It is fascinating to watch my daughter while she creates. I love how she see things and it amazes me the details that she picks up at only 4 years old. She loves to prop things up on our coffee table and recreate them. Sometimes she draws them or sometimes she cuts out construction paper and assembles the pieces to form her project.
Last week, I did a little experiment. I put a still life on our dining room table and set out a bunch of supplies. I laid out paints, construction paper, scissors, glue, pencils, markers and clay.
I started to paint the fruit and asked her if she wanted to join me.
She sat down and declined the paint, but went straight for the construction paper. She cut out the shapes of the different fruits and their stems. She drew some of the fruits first and some she simply cut out.
She glued all of her pieces to another piece of paper to form her still life.
When she finished gluing, she used a marker to add a little life to her still. She gave all of the fruits faces and personalities and even made a cowgirl orange, complete with a lasso.
The next day, I invited my daughter to come and look at the still life of fruit. She sat on my lap and I asked her what she saw. She named off all the fruits on the cutting board. I asked her what color the pear was and she responded that it was green. I asked her if green was the only color that she saw and she looked closer and told me that she saw brown. When I asked her where she saw the brown, she started with the stem and then went into further detail about the speckles of brown around the pear, explaining that the speckles weren’t everywhere and showing me where they were more saturated. She went on to the next piece of fruit, which was the orange. She asked me about the little dimples all over the skin. She studied each piece of fruit and made wonderful observations about every piece.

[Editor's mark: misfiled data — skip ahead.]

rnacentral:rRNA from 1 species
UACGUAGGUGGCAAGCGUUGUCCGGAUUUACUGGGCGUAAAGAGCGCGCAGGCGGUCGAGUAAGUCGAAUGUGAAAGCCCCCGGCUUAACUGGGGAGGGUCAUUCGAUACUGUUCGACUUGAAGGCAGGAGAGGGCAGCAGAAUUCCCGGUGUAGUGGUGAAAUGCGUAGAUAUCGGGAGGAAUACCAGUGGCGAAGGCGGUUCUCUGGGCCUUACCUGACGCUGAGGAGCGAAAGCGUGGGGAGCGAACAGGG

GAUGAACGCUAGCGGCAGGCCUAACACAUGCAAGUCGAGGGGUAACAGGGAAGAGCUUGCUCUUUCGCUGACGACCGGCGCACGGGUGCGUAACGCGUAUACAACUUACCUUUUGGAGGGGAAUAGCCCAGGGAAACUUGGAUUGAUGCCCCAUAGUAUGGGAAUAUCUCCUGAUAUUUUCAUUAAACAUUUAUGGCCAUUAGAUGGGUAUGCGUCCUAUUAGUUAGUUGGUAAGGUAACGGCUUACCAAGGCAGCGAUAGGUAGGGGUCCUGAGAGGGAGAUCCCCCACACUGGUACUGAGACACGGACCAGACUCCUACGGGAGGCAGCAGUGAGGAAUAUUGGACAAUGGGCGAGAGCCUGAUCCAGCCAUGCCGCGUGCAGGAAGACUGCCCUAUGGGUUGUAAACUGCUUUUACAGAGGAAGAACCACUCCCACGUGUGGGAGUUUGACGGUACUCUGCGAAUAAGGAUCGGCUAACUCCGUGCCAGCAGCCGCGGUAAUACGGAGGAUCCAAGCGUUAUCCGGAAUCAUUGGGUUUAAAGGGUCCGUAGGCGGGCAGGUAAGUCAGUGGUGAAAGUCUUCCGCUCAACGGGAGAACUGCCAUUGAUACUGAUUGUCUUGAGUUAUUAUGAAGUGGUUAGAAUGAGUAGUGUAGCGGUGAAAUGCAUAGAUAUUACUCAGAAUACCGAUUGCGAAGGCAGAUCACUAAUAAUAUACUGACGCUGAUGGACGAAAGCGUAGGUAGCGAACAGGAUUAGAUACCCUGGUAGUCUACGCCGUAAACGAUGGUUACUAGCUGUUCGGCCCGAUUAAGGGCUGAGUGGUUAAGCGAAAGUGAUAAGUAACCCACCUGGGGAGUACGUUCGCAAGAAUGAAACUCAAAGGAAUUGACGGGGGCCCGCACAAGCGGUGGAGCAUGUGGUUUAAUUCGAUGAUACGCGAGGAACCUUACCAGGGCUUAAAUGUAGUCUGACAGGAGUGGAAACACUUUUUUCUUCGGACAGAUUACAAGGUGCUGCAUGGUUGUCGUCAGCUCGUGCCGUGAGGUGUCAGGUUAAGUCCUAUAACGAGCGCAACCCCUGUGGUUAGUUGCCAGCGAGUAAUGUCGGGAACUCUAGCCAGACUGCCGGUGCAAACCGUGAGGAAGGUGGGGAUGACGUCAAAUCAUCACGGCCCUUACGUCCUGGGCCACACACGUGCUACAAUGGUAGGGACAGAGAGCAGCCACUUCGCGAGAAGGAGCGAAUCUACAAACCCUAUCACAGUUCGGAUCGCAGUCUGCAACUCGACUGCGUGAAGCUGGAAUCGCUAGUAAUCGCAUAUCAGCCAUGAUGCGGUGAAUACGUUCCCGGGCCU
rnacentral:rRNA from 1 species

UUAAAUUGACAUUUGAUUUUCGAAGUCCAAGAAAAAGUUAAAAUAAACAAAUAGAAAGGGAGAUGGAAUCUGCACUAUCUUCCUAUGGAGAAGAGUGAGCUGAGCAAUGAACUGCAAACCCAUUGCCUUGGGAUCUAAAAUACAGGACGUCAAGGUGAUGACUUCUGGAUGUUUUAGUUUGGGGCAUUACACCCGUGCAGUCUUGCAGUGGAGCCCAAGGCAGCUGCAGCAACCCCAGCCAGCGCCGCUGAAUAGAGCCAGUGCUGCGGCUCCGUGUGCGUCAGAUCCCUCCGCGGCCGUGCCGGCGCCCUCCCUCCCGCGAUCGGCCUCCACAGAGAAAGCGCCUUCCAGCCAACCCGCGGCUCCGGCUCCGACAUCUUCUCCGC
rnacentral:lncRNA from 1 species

She looked over the supplies on our table and reached for the clay. We used polymer clay, but play dough would be fine as well. She carefully sculpted each piece and laid out her fruit sculptures on a cutting board from her play kitchen.
I watched her intently as she used a straw from her juice to carve lines into her pumpkin.
When she sculpted her orange, she remembered her earlier observations and used a pencil to poke little dimples into it. She worked through each piece of fruit and even sculpted the red apple, which was no longer on our still because she ate it after making her construction paper project.
I was blown away by her clay sculpted still life. It came out so beautifully.
She loved it too. When she was finished, she grabbed a bowl out of play kitchen and cut up her fruit and made a fruit salad for the both of us to “eat”.
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